Wigan Corporation Tramways

Wigan became a tramway owner around June 1892 (the precise date has not be recorded), when it took over the lines of the former Wigan Tramways Company, which it leased to the latter's successor, the Wigan and District Tramways Company. The lines were narrow gauge (3ft 6ins) and steam operated. Although new lines were subsequently built and leased to the company, the corporation always intended to build a municipally owned electric system, operating the trams itself; the first new electric service ran on the 25th January 1901 (also narrow gauge). The corporation bought out the company on the 30th September 1902, gradually building new lines and converting existing steam lines to electric traction; the last steam service ran on the 26th Septmber 1904. Unfortunately, the tramway suffered enormously from decisions taken at the council level, the most damaging of which was an initial insistence on narrow gauge lines — when all adjacent systems were standard gauge — and then a volte face, but only after several lines had been built to what was now the wrong gauge, with tramcars supplied at this gauge. As a result, electrification was significantly more expensive than it need have been, leaving the tramways department to service excessive loan repayments. This was further compounded by decisions to build lines serving very sparsely populated districts, then setting fares too low (against the advice of the tramways department), and charging the tramway excessive electricity costs, which effectively meant that the latter was subsidising domestic consumers. Despite having the good sense to seek a report from an independent, and well-respected, tramway expert (Mallins of Liverpool Corporation Tramways), the council then proceeded to ignore most of his recommendations. The tramway, despite carrying large numbers of passengers, was therefore in constant financial difficulties. After recovering from the privations and challenges of the Great War, a decision was made to convert one of the last two narrow gauge lines to standard gauge, and the other to trolleybus traction, goals which were achieved in 1923 and 1925, respectively. Despite these investments in electric traction, the council once again changed its mind, abandoning the tramways on the 28th March 1931 and trolleybuses on the 30th September 1931.

From the outset of municipalised operation, which began with the opening of the first electric line on 25th January 1901, Wigan Corporation issued its tramcar staff with uniforms; these comprised single-breasted jackets with five buttons (presumably brass — see link), two breast pockets with button closures, upright collars and epaulettes. The upright collars did not carry any badges, which seem instead to have been borne on the epaulettes, though their precise form remains unclear. Somewhat surprisingly, the basic style of the uniform does not appear to have altered over the entire 30-year existence of the tramway.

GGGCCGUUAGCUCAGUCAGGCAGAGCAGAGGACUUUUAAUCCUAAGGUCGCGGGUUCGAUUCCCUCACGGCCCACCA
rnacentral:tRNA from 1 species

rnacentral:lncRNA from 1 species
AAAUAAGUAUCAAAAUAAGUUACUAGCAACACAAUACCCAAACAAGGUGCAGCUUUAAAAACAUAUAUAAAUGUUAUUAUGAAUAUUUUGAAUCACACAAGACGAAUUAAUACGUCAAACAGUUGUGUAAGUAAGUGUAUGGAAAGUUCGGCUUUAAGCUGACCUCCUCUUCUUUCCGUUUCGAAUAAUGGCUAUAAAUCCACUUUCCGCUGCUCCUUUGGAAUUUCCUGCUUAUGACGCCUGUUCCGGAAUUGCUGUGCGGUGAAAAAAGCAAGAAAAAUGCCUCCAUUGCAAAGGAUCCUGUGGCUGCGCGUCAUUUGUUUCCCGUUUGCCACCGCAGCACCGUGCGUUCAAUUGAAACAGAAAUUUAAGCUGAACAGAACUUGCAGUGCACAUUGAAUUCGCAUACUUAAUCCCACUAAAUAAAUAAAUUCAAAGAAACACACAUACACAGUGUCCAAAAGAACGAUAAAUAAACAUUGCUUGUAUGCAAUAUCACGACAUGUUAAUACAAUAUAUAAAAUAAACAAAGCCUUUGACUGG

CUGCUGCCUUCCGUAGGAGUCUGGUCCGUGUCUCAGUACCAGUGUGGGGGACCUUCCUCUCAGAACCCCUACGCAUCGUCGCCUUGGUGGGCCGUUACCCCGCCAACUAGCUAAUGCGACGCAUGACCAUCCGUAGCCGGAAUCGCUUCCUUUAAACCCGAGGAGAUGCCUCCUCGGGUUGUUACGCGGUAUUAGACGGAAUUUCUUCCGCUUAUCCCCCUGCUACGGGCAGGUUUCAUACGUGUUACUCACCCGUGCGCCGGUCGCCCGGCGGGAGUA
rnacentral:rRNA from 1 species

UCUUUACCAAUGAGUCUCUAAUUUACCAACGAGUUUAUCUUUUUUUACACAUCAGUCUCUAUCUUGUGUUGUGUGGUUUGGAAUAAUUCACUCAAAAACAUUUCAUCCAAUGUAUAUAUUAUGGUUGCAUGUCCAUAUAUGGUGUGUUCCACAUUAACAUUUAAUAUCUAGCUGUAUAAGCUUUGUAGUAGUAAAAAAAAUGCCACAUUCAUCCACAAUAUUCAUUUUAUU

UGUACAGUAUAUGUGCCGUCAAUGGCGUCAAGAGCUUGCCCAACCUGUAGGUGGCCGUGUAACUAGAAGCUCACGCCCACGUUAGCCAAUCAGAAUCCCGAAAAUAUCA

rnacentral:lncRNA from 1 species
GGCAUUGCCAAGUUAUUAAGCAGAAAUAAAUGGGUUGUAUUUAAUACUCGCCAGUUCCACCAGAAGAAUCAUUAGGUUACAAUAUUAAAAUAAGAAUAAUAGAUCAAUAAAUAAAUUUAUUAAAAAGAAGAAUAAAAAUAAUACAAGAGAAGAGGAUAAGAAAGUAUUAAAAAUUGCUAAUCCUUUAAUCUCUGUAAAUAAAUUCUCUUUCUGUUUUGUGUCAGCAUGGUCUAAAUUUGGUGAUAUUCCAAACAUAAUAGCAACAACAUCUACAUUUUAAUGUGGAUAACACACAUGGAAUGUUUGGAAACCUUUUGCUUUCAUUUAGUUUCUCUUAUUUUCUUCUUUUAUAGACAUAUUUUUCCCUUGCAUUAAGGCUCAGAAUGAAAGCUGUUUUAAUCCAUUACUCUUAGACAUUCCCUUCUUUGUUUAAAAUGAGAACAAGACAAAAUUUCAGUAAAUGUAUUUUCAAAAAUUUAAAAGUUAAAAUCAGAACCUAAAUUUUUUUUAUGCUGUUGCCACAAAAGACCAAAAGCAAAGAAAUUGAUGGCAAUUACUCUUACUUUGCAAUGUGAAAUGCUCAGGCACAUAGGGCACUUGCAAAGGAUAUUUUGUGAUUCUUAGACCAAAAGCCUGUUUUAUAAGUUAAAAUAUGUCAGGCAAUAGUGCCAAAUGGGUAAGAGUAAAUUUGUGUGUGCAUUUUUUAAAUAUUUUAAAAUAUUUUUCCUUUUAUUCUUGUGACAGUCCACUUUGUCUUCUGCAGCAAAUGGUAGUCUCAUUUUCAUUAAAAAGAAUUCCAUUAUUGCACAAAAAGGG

Caps were initially of a kepi type with a glossy peak, and bore a brass script-lettering grade badge — either Conductor or Motorman - above which, a small cap badge was worn. This almost certainly depicted Wigan Moot Hall - the central device on the Seal of Wigan - which was used extensively by Wigan prior to the official grant of arms in 1922. The caps were changed at some point during the Edwardian period, probably as early as 1904, to a military style with a tensioned crown (top); it is likely that a new cap badge was also introduced at this time; this again made use of the Moot Hall, but within a wreath (see below). White rain covers were apparently compulsory between May 1st and September 30th.

In 1922, the County Borough of Wigan was officially granted its municipal arms, and photos taken from the mid-1920s onwards clearly show that the ‘Moot Hall’ device had been replaced by a more elaborate badge, which consisted of the new coat of arms within a wreath (see below).

Motormen and conductors were also issued with long greatcoats — these had two rows of four buttons and high fold-over collars, though in later years capes appear to have also been issued. It is unclear whether these garments bore badges.

Wigan Corporation officially became a steam tram operator on 30th September 1902, when it took over the Wigan and District Tramways Company. The Corporation operated steam services for almost two years, until their withdrawal on the 26th September 1904. Only a single surviving photograph can be securely dated to this period, and this clearly shows that the Corporation, unlike the W&DTCo, issued uniforms to conductors working the steam services. These uniforms appear to have been identical to those issued to staff working on the electric trams. In contrast, and perhaps unsurprisingly, drivers and stokers continued to wear railway footplate-like attire.

Inspectors wore single-breasted jackets with hidden buttons (or more likely a hook and eye affair) and upright collars; it is probable that the collars carried the designation Inspector, more than likely in embroidered script-lettering. Kepi style caps were most probably worn in the early years, changing to a military pattern with a tensioned crown at the same time as the other tramcar staff. Although the brass badge shown below — depicting Wigan Moot Hall within a wreath — was possibly also worn by inspectors, definitive photographic evidence is currently lacking.